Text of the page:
Nagging injuries slowed Martin toward the end of the season, but he was still part of the rotation for most of the playoffs.
“I feel like I can be one of those guys that fluctuates where it’s kind of whatever a team needs from me,” Martin said. “If you need a guy to come off the bench and bring energy and do that stuff, I can do that. I feel like I can step in and start. It doesn’t matter what the role or what a team needs from me, I feel like I can fill that void.
“Obviously, I think my game expanded shooting wise, being more efficient and being more consistent and still learning how to do that year in and year out. I just think that I took big steps and I think I’m only going to take even larger steps after this going forward.”
In order for those future steps to be taken in a Heat uniform, Miami will have to find a way to re-sign Martin this offseason.
Martin will become a restricted free agent this summer, as long as the Heat extends a $2.1 million qualifying offer to him ahead of free agency. As a restricted free agent, Miami will have the right to match outside offers up to the $10.3 million mid-level exception to retain him.
The Heat does not hold Martin’s Bird rights and isn’t on track to have cap space, so it has limited resources to re-sign him. The Heat can bring him back using the non-bird exception with a starting salary of up to $2.2 million or the $4.1 million bi-annual exception, but more likely would need to turn to either the $6.4 million taxpayer mid-level exception or $10.3 million non-taxpayer mid-level exception to keep him based on the type of offers he’s expected to receive on the free agent market.
“I want to be here,” Martin said of his desire to return to the Heat after earning a total of about $2.9 million in salary over his three NBA seasons. “I got better here and I believe I will get better here. Obviously, I just want a great situation no matter what. But I just think with how close I’ve gotten with the guys and the people here, and how much better and more confident I’ve been here. I feel like my team and my staff believes in me and believes that I’m going to get better here.”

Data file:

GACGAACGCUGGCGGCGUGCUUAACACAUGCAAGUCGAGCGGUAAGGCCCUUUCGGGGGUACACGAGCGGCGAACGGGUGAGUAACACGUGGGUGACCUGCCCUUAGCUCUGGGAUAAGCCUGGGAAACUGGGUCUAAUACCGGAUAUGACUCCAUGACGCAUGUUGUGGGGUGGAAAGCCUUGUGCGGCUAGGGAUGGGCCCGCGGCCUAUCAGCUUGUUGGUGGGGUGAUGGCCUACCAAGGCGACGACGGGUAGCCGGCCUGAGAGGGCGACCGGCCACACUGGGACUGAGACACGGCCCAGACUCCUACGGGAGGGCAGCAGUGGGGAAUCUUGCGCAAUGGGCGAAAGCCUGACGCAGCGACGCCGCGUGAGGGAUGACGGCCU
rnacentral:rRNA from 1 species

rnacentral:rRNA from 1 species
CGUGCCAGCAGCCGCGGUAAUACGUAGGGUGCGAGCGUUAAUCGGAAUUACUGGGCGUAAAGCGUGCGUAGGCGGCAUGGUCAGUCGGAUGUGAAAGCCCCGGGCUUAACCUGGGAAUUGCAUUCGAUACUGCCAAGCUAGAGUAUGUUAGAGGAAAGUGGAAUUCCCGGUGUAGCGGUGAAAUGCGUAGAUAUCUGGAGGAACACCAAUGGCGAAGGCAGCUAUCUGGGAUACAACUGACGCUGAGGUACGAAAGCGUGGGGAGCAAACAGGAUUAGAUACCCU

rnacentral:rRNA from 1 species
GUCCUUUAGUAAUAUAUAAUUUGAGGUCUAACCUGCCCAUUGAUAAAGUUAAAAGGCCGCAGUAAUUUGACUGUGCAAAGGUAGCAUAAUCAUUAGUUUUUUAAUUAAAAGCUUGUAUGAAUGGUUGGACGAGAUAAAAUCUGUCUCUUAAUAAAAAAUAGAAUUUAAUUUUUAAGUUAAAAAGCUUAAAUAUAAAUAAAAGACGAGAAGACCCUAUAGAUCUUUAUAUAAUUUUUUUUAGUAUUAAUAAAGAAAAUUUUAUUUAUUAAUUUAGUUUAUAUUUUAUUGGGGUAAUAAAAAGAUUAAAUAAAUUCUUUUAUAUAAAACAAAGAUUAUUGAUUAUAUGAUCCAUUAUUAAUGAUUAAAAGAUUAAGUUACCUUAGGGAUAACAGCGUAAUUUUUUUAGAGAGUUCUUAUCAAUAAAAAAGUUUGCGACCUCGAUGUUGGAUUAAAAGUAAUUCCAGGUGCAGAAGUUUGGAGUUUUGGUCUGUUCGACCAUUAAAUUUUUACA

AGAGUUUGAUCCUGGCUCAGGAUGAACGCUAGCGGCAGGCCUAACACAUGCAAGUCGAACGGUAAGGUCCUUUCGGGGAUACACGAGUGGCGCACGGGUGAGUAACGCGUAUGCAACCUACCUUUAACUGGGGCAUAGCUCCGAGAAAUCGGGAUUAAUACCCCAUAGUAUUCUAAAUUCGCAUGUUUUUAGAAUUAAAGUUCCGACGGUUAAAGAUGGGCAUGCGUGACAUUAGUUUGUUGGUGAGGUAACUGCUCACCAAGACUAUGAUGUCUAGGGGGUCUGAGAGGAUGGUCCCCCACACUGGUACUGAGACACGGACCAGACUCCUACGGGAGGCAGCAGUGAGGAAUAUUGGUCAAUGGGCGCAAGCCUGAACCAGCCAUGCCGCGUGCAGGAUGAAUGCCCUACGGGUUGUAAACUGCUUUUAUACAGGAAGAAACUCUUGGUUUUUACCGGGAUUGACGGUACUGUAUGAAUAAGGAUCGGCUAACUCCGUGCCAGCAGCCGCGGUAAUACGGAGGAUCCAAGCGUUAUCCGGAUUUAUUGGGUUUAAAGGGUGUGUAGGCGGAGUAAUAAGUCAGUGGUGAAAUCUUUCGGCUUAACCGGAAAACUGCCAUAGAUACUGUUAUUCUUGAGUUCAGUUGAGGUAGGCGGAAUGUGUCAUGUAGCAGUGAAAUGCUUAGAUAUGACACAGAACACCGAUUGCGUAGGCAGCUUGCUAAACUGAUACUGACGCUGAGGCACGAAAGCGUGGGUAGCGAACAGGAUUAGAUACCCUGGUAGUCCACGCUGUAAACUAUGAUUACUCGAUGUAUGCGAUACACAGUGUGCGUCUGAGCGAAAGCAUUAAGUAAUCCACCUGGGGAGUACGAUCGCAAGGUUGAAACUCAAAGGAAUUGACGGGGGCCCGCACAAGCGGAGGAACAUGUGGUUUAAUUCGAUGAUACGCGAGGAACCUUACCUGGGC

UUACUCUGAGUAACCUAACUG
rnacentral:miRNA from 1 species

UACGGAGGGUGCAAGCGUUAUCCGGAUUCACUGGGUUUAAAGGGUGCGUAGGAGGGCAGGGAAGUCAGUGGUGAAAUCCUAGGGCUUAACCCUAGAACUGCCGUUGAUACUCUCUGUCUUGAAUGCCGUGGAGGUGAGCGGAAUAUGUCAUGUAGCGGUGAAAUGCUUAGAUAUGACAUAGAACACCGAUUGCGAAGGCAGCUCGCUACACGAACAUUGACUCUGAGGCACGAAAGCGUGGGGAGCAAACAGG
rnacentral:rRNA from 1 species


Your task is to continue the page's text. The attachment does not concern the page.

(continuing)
The Athletic’s John Hollinger developed a valuation system that Martin currently worth about $8.9 million, which would be close to the full $10.3 million non-taxpayer mid-level exception. If the Heat is forced to use the non-taxpayer mid-level exception, it will be hard capped at about $155 million this upcoming season.
“Obviously, being open minded during free agency. You have to be and it’s my first experience with that,” Martin continued. “But I want to be [with the Heat]. I love being here. I want to be here, so that’s all I got on my mind right now until I see what happens or whatever type of experience I’m going to get in free agency.”
But Martin knows his path could have been different without J. Cole’s help last offseason.
“I think about it all the time,” Martin said. “Things could have been different. I don’t know where I would have been at or what I would have been doing.”